Gromz 2 Men

BY Alex Constantinou and Matt Corpening

Where are they now?

7 groms 8 years later


   Wrightsville Beach Magazine rounded up a group of groms short for grommets generally defined as skilled stoked young surfers who embraced and epitomized the label. Eight years later some members of the group have stuck around town while others diverged to different parts of the state country and globe. Some of the groms chose to focus on jobs school music or other sports. Some still surf and others have since applied their last bar of wax. As they branch out into the world it is their Wrightsville Beach roots that has each admitting hell forever be at heart a grom. 

by Matt Corpening


Jonathan Mincher


Jonathan Mincher left Wrightsville Beach in early July to surf Costa Rica.


JM: Right now Im just working at Two Wheeler Dealer you know stack up some cash and go somewhere. I typically like trying to do some sort of summer trip. My job kinda allows me to make money and then go spend it. I dont go to school right now. Really been skating skating a bunch. If Im not skating Im not happy. Skating keeps me happy if youre not happy youre blowing it.


WBM: Whats your relationship with surfing now?

JM: I was probably more into surfing competitively and I just dont care about that at all anymore. Im personally competitive and like freesurfing you know thats what I like to do – just spend the money and go travel somewhere rad. I mean I always want bigger and better but Im not gonna spend my money to enter an event to try to make money out of the event its not really my drive.


WBM: Where was the last place you went?

JM: Hawaii spent about three and a half months there this winter. Ill typically go spend a month or two in the wintertime. It gets slow here works slow I can get out. I go stay at the Volcom house on the north shore of Oahu directly in front of Pipeline.


WBM: How would you say growing up in Wrightsville Beach affected your current life and more specifically your future?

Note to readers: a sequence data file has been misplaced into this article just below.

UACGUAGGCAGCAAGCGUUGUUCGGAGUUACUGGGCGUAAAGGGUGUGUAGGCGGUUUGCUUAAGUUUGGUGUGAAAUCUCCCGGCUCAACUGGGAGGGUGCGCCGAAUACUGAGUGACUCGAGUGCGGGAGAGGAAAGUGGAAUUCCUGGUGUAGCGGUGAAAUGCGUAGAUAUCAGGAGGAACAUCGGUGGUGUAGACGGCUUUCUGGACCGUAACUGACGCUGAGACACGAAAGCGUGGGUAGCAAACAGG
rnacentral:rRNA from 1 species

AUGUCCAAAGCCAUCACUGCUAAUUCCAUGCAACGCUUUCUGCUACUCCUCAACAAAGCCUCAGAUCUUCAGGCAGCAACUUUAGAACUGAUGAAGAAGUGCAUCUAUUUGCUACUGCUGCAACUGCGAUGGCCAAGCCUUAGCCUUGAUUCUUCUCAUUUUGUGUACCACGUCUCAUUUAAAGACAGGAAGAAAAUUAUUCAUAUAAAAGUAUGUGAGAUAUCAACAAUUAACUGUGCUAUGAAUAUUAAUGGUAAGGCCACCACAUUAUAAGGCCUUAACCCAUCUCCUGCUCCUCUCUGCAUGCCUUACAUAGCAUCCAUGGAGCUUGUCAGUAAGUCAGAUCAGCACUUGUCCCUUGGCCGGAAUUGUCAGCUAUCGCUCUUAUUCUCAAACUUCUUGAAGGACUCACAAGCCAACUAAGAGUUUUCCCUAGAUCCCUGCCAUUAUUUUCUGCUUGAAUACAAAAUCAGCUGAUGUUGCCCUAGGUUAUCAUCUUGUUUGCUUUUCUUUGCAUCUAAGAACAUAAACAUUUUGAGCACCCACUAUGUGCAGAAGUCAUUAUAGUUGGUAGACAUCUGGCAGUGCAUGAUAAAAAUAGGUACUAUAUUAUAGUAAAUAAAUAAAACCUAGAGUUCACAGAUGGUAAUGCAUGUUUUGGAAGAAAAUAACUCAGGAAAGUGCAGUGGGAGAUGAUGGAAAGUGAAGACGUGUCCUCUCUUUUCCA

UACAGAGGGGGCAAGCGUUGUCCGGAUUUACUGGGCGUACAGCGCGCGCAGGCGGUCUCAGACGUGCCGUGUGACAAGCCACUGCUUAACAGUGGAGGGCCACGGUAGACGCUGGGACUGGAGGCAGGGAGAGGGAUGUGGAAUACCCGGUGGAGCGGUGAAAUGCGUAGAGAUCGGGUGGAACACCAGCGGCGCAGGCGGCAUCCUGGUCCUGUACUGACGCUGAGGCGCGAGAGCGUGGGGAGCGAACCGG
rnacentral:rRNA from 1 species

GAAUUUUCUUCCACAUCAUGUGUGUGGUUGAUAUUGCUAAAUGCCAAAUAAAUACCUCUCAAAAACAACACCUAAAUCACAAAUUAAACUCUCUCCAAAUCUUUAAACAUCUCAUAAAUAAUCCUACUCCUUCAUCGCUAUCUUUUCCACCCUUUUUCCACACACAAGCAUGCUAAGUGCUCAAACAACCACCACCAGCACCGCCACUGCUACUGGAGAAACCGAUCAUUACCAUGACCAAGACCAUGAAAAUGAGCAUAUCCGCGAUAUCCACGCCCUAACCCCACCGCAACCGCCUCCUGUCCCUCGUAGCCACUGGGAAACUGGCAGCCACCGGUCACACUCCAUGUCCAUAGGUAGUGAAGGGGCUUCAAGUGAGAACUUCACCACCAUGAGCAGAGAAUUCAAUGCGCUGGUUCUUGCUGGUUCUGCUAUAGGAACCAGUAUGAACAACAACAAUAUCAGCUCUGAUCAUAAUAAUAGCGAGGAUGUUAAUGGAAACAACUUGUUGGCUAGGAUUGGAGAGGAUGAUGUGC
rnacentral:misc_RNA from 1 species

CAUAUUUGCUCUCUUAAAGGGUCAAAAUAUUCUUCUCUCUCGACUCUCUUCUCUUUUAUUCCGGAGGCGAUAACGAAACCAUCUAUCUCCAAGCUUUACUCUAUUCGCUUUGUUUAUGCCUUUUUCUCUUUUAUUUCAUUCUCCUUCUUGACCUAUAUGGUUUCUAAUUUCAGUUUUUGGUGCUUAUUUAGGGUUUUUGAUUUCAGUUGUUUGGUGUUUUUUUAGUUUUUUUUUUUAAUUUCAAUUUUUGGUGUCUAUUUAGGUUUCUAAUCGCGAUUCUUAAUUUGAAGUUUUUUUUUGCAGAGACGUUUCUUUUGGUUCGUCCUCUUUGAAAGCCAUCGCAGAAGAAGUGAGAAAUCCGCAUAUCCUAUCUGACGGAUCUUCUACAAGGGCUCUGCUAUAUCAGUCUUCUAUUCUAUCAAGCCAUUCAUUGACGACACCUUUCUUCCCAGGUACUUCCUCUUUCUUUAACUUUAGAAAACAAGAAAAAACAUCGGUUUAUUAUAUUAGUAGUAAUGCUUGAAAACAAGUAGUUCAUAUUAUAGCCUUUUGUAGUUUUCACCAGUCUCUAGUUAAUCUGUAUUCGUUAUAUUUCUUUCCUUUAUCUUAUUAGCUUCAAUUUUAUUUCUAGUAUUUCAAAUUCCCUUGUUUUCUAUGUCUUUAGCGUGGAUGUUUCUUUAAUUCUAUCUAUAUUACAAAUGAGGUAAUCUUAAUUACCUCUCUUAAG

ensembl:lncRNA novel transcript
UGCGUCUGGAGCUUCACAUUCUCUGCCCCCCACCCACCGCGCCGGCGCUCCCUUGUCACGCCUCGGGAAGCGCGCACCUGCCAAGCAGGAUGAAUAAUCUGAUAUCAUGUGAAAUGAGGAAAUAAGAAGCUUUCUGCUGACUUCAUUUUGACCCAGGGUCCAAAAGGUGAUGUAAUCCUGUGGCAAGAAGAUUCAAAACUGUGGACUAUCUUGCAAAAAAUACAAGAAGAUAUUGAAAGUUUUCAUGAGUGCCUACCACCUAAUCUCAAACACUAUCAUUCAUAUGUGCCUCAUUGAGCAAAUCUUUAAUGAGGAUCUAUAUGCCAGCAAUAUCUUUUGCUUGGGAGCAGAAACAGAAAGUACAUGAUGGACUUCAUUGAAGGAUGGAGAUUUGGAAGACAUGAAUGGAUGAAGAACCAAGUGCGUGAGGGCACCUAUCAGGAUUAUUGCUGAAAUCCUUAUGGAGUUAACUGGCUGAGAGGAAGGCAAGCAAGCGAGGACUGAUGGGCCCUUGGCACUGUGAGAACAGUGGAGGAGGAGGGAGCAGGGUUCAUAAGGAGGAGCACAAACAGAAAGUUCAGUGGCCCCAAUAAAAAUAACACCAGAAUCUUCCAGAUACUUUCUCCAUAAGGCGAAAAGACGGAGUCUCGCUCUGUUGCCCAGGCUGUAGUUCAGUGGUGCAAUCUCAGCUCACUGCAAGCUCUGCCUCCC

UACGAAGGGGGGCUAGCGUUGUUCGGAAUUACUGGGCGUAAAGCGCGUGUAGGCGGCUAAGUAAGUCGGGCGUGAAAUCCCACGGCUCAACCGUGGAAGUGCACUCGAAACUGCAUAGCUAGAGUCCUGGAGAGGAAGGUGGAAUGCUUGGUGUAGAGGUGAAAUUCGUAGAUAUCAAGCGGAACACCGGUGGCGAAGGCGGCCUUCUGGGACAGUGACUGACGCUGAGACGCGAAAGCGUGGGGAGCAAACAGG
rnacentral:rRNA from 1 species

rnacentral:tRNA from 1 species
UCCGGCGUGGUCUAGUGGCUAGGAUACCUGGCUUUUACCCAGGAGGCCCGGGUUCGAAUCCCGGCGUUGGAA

JM: Its just a rad spot to grow up. It keeps you traveling too though you know you can surf here; but it keeps you traveling a lot keeps you wanting other stuff you know? Future? I dont really feel like moving anywhere to call anywhere else home. I go to Hawaii but Im not moving there. Thats not my home; this is my home. So basically my future right now is just work and go surf when I can get the time off.


WBM: So you are literally working to surf?

JM: To do whatever! Go take a skate trip or go backpacking somewhere do something rad just travel in general. … I gotta go out of my comfort zone thats where I learn excel. Going somewhere and have to figure something out on your own be in a new place where youre not comfortable figure it out. Go somewhere with a different language different food. Using your passport just teaches you. Ill be locked down here soon enough might as well just keep moving for a little bit.


WBM: What do you want to say about growing up in WB?

JM: Knowing everybody just makes it a small community feel. I mean its pretty rad knowing everybody up and down the street but when you got in trouble everybody knows it you know what I mean? Definitely tight-knit. Being able to ride bikes everywhere is the raddest. I bike to work every day.                                                            

by Alex Constantinou


Nick Bland


Nick Bland will graduate from the University of North Carolina Wilmington in December with a BFA in creative nonfiction.


NB: Im doing a lot of DJing in town and a few one-off parties out of town. I consistently DJ every Saturday at Red Dogs night club. I also DJ for the Permanent Vacation party crew and DJ Lord Walrus helps me to get a lot of gigs. 


WBM: Whats changed about your relationship with surfing since 2005?

NB: Surfing is still a huge passion in my life. I dont take it to the competitive level anymore just because it caused a lot of stress in my life and now it is purely for fun. Skateboarding has honestly surpassed my passion for surfing  although I still consider my surfing ability to be above that of my skating.